Was im Report über die russischen Hacks nicht gesagt wird – und deshalb wichtig ist

What The Russian Hacking Report DOESN’T Say

Today, the Department of Homeland Security and FBI released a report alleging Russian hacking.

The report itself is only five and a half pages long in large print (with another 7 pages for future security recommendations).

It’s important to note what the report does NOT say …

It does NOT allege any of the following:

  • It doesn’t claim that it’s accurate. Instead, the report starts with a disclaimer, and uses the same type of weasel words – “as is”, “does not provide any warranties of any kind regarding any information” – that someone selling a lemon uses when he doesn’t want to talk about the fact that the blasted thing won’t run and doesn’t want to get sued for intentional misrepresentation or wilful concealment:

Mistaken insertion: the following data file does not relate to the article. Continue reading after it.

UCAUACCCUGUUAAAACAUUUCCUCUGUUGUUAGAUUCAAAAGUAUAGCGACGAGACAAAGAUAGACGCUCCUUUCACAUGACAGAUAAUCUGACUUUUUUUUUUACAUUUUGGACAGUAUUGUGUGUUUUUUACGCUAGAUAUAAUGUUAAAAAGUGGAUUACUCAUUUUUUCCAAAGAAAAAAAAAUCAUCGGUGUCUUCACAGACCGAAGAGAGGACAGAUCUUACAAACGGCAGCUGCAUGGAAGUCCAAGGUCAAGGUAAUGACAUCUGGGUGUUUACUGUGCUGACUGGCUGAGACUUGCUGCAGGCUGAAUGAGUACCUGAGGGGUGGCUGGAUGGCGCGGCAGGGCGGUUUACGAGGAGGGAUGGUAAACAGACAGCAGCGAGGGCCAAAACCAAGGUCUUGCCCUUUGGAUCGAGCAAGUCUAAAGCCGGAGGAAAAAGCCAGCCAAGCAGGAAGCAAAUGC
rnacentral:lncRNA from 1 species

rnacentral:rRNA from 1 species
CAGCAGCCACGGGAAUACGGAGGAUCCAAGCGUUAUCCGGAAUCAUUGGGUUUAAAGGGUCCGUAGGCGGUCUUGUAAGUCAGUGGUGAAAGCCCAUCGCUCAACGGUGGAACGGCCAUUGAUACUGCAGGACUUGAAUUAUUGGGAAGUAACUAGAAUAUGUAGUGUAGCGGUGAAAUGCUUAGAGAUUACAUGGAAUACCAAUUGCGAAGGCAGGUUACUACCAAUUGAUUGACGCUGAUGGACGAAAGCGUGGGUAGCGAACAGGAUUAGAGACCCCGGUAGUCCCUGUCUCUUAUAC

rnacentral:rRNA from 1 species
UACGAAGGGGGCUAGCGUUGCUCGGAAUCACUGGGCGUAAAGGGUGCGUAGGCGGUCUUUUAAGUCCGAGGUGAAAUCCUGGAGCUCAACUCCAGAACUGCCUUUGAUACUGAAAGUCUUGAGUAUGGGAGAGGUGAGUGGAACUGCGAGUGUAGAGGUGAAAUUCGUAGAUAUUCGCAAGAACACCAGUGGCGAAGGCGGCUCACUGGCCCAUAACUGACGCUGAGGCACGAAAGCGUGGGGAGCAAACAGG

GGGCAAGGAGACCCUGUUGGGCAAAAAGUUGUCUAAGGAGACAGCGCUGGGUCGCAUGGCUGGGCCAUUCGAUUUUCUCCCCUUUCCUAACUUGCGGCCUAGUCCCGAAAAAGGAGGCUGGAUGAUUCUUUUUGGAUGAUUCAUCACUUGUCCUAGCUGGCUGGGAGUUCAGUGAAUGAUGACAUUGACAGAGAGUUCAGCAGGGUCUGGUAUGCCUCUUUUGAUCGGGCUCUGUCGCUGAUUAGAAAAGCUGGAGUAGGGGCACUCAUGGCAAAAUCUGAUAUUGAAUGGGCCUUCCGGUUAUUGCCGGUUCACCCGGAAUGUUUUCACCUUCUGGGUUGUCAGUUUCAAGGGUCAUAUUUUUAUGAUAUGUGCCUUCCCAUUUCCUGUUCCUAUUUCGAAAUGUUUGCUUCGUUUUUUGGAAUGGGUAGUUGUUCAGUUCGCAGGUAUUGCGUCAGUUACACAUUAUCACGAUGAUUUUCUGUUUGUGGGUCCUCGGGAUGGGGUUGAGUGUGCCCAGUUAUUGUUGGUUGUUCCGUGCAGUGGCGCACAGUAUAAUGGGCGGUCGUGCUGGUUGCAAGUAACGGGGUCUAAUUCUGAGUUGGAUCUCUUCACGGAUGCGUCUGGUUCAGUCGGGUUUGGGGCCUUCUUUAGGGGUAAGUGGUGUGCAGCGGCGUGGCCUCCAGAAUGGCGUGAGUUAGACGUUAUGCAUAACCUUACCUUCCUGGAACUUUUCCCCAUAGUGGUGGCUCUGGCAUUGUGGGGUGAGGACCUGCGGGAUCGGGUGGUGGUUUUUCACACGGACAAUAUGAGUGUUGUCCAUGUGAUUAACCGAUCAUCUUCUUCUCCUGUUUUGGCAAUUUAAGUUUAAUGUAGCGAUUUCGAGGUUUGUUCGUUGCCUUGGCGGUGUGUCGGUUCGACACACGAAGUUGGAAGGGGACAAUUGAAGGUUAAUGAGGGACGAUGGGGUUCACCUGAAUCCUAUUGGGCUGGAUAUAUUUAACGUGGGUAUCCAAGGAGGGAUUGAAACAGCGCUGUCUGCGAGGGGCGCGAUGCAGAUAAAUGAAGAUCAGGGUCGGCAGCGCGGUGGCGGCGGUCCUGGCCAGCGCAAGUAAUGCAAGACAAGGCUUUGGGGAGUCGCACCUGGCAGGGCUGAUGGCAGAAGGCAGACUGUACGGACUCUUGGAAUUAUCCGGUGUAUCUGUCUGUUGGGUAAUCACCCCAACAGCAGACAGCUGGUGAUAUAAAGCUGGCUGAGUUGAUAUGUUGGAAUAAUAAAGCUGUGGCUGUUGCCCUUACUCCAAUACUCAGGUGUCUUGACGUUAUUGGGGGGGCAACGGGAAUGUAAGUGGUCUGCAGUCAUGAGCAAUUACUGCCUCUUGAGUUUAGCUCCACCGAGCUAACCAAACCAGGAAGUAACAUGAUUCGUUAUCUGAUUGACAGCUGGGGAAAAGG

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  • It doesn’t mention Wikileaks … not even once.  In other words, the report does not allege that the Russians gave any Democratic Party or Podesta emails to Wikileaks
  • It doesn’t raise the fact that recent intelligence service allegations that Russia hacked the NSA and Germany turned out to be false
  • It doesn’t address American intelligence services’ less-than-stellar history of truthfulness, and the fact that they routinely skew intelligence to justify preordained policy outcomes

In other words, the report really doesn’t say much of anything

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